Alcohol consumption in the UK has been in decline over the past decade, falling 18% since 2004. Coupled with the smoking ban which was introduced in 2006 and the following financial crash, times have been tough for British pubs of late.
These economic pressures and changes in social habits are forcing pubs to think outside of the box to develop new methods and business opportunities to remain relevant, competitive and central to our communities. Pubs are used to reinvention and have endured many waves of societal and culture change previously.
TURNING THE TIDE
With up to 50 pubs closing per week, 2009 saw the peak of pub closures across the country, with only two new establishments opening in their place. The tide is beginning to turn with local craft breweries opening pop-up bars which, subject to license can become permanent drinking establishments. Small independent breweries such as the Late Knights Brewery in South London are successfully reviving existing pubs and opening brand new ones.
THE PUB AS A HUB
‘The Pub is the Hub’ is an initiative set up in 2001 to encourage breweries, pub owners, licensees and their communities to find ways in which struggling pubs can diversify to stay afloat. By offering extra services alongside food and drink, they can increase their social and community role whilst finding additional businesses avenues to explore.
The report suggests services such as pharmacy collection points, dry cleaning drop off and collection, online goods delivery and collection, small gyms, crèches and an outlet for locally produced farm goods or crafts. Two pubs in Cornwall have joined forces with the local library to offer full book lending schemes with support from the local authority. These commercial ventures would hopefully allow for a greater community support role offering meeting spaces for church parishes or local clubs and groups and running pensioner meal operations.
PUB OF THE FUTURE
The brewer Marston’s launched a competition to gather opinions from a wide range of people as to the thinking and design of what pubs should offer and look like in the future. Many of those consulted agree that pubs should make better use of technology and that it might aid them engage with and entice in younger customers. Smartphone apps have been developed to reduce queues and waiting times at the bar. Using them, customers are able to browse the menus and order food and drink from their table.
It has been suggested before that pubs are generally failing to keep up with technological change and should embrace SMS and social media as a means to advertise promotions and discounts. The ‘Pub of the Future‘ report published by Casio in 2013 also suggests that 67% of young people are more likely than their elders to prioritise a pub offering Wi-Fi services.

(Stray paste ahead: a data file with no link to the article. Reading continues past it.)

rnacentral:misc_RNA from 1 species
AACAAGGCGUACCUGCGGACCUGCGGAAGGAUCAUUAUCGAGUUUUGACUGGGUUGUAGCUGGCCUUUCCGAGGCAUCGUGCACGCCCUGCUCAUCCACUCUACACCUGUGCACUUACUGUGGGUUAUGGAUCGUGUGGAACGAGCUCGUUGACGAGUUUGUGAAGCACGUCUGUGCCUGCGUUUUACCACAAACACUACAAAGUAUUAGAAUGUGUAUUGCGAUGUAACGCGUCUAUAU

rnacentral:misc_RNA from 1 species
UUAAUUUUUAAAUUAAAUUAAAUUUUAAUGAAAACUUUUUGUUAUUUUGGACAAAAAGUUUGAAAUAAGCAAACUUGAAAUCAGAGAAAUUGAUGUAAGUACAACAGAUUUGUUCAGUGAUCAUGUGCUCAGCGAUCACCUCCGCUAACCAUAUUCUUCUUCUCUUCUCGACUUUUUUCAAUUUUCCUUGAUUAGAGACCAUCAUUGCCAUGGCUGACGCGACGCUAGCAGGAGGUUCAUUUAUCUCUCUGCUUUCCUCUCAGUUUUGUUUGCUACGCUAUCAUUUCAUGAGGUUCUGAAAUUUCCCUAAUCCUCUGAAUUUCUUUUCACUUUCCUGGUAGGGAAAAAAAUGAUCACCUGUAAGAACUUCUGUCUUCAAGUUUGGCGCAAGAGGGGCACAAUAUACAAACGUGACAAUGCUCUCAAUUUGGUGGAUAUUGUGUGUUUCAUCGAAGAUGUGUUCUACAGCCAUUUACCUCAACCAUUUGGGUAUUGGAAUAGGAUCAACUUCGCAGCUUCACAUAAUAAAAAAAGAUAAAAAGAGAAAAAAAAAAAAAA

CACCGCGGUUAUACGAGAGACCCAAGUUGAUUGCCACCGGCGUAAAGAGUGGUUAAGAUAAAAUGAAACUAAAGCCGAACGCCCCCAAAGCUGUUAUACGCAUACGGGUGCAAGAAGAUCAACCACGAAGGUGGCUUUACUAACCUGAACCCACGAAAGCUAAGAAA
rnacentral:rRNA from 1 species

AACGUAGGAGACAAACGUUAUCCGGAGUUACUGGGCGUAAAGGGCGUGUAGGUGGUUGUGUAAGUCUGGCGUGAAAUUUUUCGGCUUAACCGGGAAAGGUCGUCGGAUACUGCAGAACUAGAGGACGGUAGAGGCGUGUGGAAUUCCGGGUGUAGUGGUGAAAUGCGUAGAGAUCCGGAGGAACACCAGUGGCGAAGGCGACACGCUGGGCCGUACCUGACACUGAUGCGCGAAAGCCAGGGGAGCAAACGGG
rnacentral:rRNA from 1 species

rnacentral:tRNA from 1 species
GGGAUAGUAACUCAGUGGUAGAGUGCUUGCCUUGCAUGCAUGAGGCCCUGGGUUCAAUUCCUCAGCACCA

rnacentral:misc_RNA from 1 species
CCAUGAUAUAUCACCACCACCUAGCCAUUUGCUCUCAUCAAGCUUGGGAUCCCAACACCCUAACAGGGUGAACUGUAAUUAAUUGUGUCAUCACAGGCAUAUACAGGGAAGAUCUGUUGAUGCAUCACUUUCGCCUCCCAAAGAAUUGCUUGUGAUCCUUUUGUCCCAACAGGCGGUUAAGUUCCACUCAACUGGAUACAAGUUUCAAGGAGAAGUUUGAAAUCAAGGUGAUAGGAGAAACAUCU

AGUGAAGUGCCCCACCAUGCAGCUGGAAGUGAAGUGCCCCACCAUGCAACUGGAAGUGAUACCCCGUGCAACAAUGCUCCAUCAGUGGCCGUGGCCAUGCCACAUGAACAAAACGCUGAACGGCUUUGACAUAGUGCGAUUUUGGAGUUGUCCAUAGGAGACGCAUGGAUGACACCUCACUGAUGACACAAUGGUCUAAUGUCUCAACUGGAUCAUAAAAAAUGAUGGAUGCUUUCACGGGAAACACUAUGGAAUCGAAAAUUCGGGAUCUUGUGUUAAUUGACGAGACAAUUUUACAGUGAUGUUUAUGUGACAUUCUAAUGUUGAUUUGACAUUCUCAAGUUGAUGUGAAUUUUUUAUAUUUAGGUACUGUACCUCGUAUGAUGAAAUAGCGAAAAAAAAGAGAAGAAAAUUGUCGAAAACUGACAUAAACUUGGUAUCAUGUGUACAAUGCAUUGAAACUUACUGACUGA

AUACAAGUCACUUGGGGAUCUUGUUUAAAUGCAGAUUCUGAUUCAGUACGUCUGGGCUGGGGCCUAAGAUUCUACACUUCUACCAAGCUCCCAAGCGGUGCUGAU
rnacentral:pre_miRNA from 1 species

We could also see a return of the pub as a place of work, as was often the case in Victorian times. Pubs have long been at the centre of business as places for informal meetings or the after-work ‘swift-half’ but over the past few years many have established themselves as viable places to work for freelancers. The offer of free and high speed wi-fi connections alongside better food and coffee might enable pubs to rival coffee shops and bistros as hubs for meetings and laptop warriors. Might the use of wi-fi to solicit the pub’s services act like the latest evolution of the swinging painted sign outside pubs? A digital swinging sign?
THE ARCHITECT’S ARMS
The RIBA-organised Guerilla Tactics event held in October 2014 invited architecture practices to think about the plight of the pub today and how the profession might offer wider solutions to these problems. The participants, or ‘archi-preneurs’, proposed ways of ‘rethinking the pub’, offering ways to widen the social groups it appeals to and the services it provides.
One group suggested that the ‘Public House’ should become the ‘Social House’ where the needs of each surrounding community are met to create a thriving, sustainable hub. By turning struggling pubs into ‘community pubs’, they connect with and contribute to their community. Ideas included operating as a mini-town hall, a centre for neighbourhood planning, and forums for debate. 75% of adults believe that pubs make a ‘valuable contribution to life in Britain’ and by offering wider variety of services they can appeal to a greater variety of people.
NEW LEASE OF LIFE
Sometimes it is necessary to look beyond the obvious in search of solutions as to how to keep a pub going or even resurrect one. Our scheme in Temple Cloud, Somerset will bring a derelict Grade II-listed pub back to life and place it at the centre of the village alongside nine new houses, and a 10-bed hotel. With a number of other housing developments proposed in the village, the future of this pub, which has been closed for several years is suddenly looking bright.
http://www.pubisthehub.org.uk/ - Pub is the Hub Initiative
http://www.casio.co.uk/products/integrated-epos-solutions/pub-report/ - Pub of the Future Report